The family will be well represented in the Stonewood Homes Gore to Invercargill Classic cycle race on Thursday.
While Alan Strong, 49, has been riding in the event since the 1980s, it will be the first time he will compete against both of his sons Hayden, 19 and Corbin,16, in the 67km race.
Vicki Giles was the first woman to win the Gore to Invercargill Road Classic cycle race in 1986 ahead of Alan Strong, right, while Dick Harris finished third.
Both Hayden and Corbin are established representative riders, with Corbin who is a rising star of New Zealand cycling starting in his first Gore to Invercargill Classic.
"I'm pretty excited to be competing rather than sitting at the finish watching," Corbin said.
The experienced Alan, on the other hand claimed second place in the 1986 race behind the first female winner Vicki Giles, and will start in front of the teenagers in the handicap event.
The two stronger Strong riders will most likely start from towards the back of the field in the handicap race, while B Grade rider Alan will be closer to the front.
"When they were B graders, they weren't there too long. I would be able to foot it with them, but not in recent years," Alan Strong said.
"I wouldn't give myself much chance against them, depending on the handicapping."
The forecasted windy weather is set to favour the stronger riders.
"It definitely favours the backmarkers, the stronger riders will come through more times than not in the rough weather and the wind especially," Alan said.
"The faster, stronger riders will make up more time than the weaker front riders will start to struggle earlier."
Interestingly Hayden rode his father's 1980s bike in the Ascot Park criterium as part of last year's New Year series, but according to Alan there won't be much competition to ride the bright yellow Thunderbird 3 in the event.
"Yeah it was one of my older bikes," Alan Strong said.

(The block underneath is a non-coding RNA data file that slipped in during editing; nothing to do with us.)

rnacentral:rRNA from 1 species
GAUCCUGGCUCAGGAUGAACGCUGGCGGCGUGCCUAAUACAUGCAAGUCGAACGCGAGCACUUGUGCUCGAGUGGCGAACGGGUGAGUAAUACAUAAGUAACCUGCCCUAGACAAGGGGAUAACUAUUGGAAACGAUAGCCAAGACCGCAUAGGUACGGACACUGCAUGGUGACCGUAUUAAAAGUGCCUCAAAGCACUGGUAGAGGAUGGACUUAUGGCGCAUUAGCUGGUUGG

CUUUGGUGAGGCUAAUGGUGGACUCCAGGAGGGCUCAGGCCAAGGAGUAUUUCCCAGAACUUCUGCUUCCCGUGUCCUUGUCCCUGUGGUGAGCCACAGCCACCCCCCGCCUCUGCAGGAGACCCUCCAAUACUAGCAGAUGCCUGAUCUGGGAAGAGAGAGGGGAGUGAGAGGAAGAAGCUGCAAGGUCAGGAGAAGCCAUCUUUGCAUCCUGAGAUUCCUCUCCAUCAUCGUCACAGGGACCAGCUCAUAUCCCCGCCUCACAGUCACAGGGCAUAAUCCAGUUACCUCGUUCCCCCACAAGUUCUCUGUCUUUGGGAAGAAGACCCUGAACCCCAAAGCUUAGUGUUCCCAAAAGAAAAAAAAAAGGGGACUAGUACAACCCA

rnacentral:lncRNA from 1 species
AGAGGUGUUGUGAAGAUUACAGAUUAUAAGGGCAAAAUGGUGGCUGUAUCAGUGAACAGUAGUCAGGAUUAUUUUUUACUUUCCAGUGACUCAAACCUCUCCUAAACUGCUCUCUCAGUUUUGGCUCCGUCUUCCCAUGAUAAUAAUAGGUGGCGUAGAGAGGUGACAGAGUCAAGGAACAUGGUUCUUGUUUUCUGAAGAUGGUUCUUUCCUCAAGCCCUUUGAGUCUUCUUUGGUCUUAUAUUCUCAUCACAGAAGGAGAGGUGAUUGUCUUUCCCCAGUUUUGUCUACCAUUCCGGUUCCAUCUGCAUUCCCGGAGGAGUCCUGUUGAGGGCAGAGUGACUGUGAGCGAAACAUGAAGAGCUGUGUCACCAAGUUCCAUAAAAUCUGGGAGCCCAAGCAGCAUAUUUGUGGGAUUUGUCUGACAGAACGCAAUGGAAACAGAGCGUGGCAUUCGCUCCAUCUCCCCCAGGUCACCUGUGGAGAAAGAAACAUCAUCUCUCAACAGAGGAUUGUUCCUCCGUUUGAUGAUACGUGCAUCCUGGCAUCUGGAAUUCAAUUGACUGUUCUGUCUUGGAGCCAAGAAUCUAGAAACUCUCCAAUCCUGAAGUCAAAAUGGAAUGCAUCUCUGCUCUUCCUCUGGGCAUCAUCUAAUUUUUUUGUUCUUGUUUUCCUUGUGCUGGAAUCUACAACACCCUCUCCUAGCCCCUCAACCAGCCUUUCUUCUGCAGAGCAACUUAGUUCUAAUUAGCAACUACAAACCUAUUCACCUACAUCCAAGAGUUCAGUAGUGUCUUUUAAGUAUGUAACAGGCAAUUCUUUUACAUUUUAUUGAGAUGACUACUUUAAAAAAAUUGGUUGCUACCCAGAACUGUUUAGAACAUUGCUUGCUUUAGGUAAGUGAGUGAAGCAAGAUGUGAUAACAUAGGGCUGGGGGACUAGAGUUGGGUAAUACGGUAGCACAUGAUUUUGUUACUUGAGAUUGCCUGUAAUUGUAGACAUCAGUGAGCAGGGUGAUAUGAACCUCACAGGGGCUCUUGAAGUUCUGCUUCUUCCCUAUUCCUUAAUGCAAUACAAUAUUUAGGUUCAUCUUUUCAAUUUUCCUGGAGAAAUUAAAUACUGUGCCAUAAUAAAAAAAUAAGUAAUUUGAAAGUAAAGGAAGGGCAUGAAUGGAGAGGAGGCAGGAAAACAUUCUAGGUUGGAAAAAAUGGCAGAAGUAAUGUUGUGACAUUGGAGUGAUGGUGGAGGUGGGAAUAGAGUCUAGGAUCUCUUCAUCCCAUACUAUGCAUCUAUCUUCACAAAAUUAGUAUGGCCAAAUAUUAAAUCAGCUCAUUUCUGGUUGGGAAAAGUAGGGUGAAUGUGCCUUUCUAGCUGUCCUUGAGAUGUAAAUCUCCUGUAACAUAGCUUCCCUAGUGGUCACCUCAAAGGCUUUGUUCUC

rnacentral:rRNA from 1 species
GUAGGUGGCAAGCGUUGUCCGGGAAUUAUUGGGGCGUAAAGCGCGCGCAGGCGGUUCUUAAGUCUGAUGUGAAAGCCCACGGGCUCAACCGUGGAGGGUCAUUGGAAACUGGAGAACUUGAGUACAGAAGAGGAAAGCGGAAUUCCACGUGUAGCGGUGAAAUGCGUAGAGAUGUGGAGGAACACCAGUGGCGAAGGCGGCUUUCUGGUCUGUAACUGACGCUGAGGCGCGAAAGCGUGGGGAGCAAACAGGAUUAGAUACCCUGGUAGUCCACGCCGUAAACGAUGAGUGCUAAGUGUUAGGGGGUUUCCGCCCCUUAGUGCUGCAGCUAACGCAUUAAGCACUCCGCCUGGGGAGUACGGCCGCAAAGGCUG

"That has very old manual gearing on the down tubes."
While there might be a private battle between the Strong family, there will be significant pressure from the rest of the 50-strong field seeking victory.
New Zealand's longest running club classic, in its 87th year, has increased its prize money to $1000, with $500 going to the winner and $500 for the rider with the fastest time.
Matt Zenovich will be another Southland cyclist looking to capture the prize money on offer, after he took out the fastest time trophy last year and will be looking to claim that plus first over the line to claim the $1000 on offer.
Previous winners include 2015 Tour of Southland winner Brad Evans (2014), Marc Ryan (2008 and 2011), Dylan Kennett (2012) and Greg Henderson (1998).
Riders from throughout the South Island will be entered in the race, along with various other events as part of the New Year series.
Last year's winner Brent Spencer, from Christchurch, has registered to defend the title, but history isn't on his side, with no rider successfully defending their title since Ray O'Connor in 1945.
It's a bumper weekend for cycling in Southland, with the ILT New Year Track Carnival on Friday and Saturday nights from 6.30pm, and the Ascot Park Hotel Criterium on Sunday.
At a glance
What: Gore to Invercargill Road Classic cycle race
Where: Gore Town and Country Club start; Racecourse Road, Invercargill outside Ascot Park Raceway finish.
When: 6pm start and finish by 8pm.Photo and article courtesy Stuff